City officials must address the needs of ageing population on the scale that is required to make tangible progress. Photo: Sam Tsang

Retrofitting Hong Kong is all about reinforcing strengths and tackling future challenges

City needs to revamp its existing policies to factor the requirements of the rapidly growing ageing population

The Hong Kong General Chamber of Commerce will be holding its annual Business Summit later this week and I have been asked to share my thoughts on how Hong Kong can enhance its relevance and extend its role as a leading business and financial hub in Asia and catch up as a smart city through innovation, technology, sustainability and liveability measures.

This coincides with last week’s publication for public engagement of the government’s Hong Kong 2030+ study which is designed to update the territorial development strategy to guide planning, land and infrastructure development and to shape the built and natural environment of the city beyond 2030. This is obviously a very useful contribution to any discussion about the future development of Hong Kong, particularly as the study adopts a visionary, proactive, pragmatic and action orientated approach to respond to the changing circumstances and challenges ahead.

The study recognises the changing demographics, particularly the ageing population, the fact that innovation and technology must be acknowledged as key drivers and the need for action in relation to climate change. It also acknowledges the aspiration for enhanced liveability in the context of a high density city, for adopting a much longer term view to meet land requirements, and the need to embrace new economic challenges and opportunities and to create capacity for sustainable growth.

The reality is that we need to stop dreaming and wake up to the fact that there is much to be done. Photo: Nora Tam

Clearly, the update and issue of the 2030+ proposals are welcome and provide a useful context for a discussion as to how Hong Kong should retrofit itself and repackage and reposition to address challenges yet, at the same time, embrace opportunities. The reality is that we need to stop dreaming and wake up to the fact that there is much to be done if Hong Kong is to remain relevant in the future. It is fine to be aspirational but as we all know it is all about delivery and this is where we constantly trip up.

The 2030+ study potentially provides some of the key components for success but the delivery of such an ambitious programme as that envisaged requires a joined up approach across government bureaux and departments and the support of the Legislative Council and the community at large. We know that governments can work well within bureau and department comfort zones (or silos as sometimes described) but there will need to be a fundamental change in overall mindset and the adoption of a holistic delivery approach if we are to succeed as proposed. It is interesting and troubling that the study states that “implementation of individual projects will continue to be evaluated in accordance with established mechanisms, taking into account cost effectiveness and resource priority”. This smacks somewhat of maintenance of the status quo and not the visionary outlook which the study seeks to portray.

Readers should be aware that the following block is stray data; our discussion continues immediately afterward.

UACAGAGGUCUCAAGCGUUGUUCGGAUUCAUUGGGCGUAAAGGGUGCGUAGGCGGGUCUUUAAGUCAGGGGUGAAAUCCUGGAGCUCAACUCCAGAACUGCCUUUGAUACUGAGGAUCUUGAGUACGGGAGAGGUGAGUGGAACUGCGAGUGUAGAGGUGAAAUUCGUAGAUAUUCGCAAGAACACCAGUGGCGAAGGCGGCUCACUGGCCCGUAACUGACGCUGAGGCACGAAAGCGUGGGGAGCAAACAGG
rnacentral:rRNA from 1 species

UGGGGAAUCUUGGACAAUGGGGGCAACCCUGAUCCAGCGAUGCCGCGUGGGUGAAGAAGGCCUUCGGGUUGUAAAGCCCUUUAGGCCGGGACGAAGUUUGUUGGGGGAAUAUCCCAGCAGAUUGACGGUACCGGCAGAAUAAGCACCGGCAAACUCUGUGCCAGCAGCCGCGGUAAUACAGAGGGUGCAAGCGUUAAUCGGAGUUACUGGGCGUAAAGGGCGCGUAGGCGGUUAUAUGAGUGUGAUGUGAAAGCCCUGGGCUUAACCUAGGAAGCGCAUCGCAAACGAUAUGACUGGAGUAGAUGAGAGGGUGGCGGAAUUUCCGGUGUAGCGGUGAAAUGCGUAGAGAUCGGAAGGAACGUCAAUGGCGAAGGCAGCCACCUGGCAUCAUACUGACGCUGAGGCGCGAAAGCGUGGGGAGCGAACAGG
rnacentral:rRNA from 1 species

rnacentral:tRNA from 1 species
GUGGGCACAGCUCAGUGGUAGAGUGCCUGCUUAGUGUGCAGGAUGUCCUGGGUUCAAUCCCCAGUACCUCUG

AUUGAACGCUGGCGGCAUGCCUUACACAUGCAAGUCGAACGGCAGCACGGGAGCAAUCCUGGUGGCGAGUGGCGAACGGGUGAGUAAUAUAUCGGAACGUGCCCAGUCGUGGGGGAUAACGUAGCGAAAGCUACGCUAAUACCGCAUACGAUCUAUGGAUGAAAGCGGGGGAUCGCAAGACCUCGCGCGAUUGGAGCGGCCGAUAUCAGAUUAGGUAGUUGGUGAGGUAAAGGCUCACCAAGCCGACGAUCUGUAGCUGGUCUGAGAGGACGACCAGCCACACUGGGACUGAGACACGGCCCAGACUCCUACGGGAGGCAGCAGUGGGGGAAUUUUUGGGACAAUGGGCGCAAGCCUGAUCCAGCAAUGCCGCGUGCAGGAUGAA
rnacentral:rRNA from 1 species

If the changes envisaged are to be achieved there will also need to be the need to revisit the building and planning regulations, in particular the former, and to introduce a performance related approach to the assessment of schemes which seek to improve and enhance existing buildings. We also must seriously consider our current “ageing in place” model if we are to address the needs of our ageing population on the scale that is required. A focus on in-place upgrade and improvement is necessary rather than provision of single category separate enclaves; so as to enable our seniors to remain in and as part of their existing communities.

There is also a need to accept and understand that “smart” is only part of the liveability equation and that quality of life embraces far more than the latest technology developments. We need a livable city agenda covering energy efficiency, waste management, air and water quality, recreational facilities, open space, sustainability, a public transport/walkability regime and, of course, green buildings, smart living and healthy ageing. There are interesting initiatives in relation to smart city practises in Kowloon East and at the Hong Kong Science Park but these are still very tentative and the ultimate objective must be for Hong Kong at the city level to become a showcase for a sustainable and attractive lifestyle.

But to achieve all this there must be the will to make it happen and without that Hong Kong cannot hope to progress. That will depends as much, if not more, on the community – be it district councils, grass roots organisations, NGOs, young people, business leaders etc, than it does on government itself. It will require a shared view of the future, with a willingness to set aside some of the selfishness and self interest which currently mars many community discussions.

In embarking on any discussion about the future, I think it is important to achieve the appropriate balance. There is much that distinguishes Hong Kong and has underpinned our success to date. It is a question of reinforcing those strengths as well as addressing the challenges of the future. Historically, Hong Kong has demonstrated its ability to successfully adjust to changing economic and social circumstances and in my view there is no reason why it cannot do so again and reposition the city to take full advantage of future opportunities. This will require patience, perseverance and above all belief and the willingness to take brave decisions.

Nicholas Brooke is chairman of Professional Property Services

This article appeared in the South China Morning Post print edition as: retrofitting hk is all about the need for brave decisions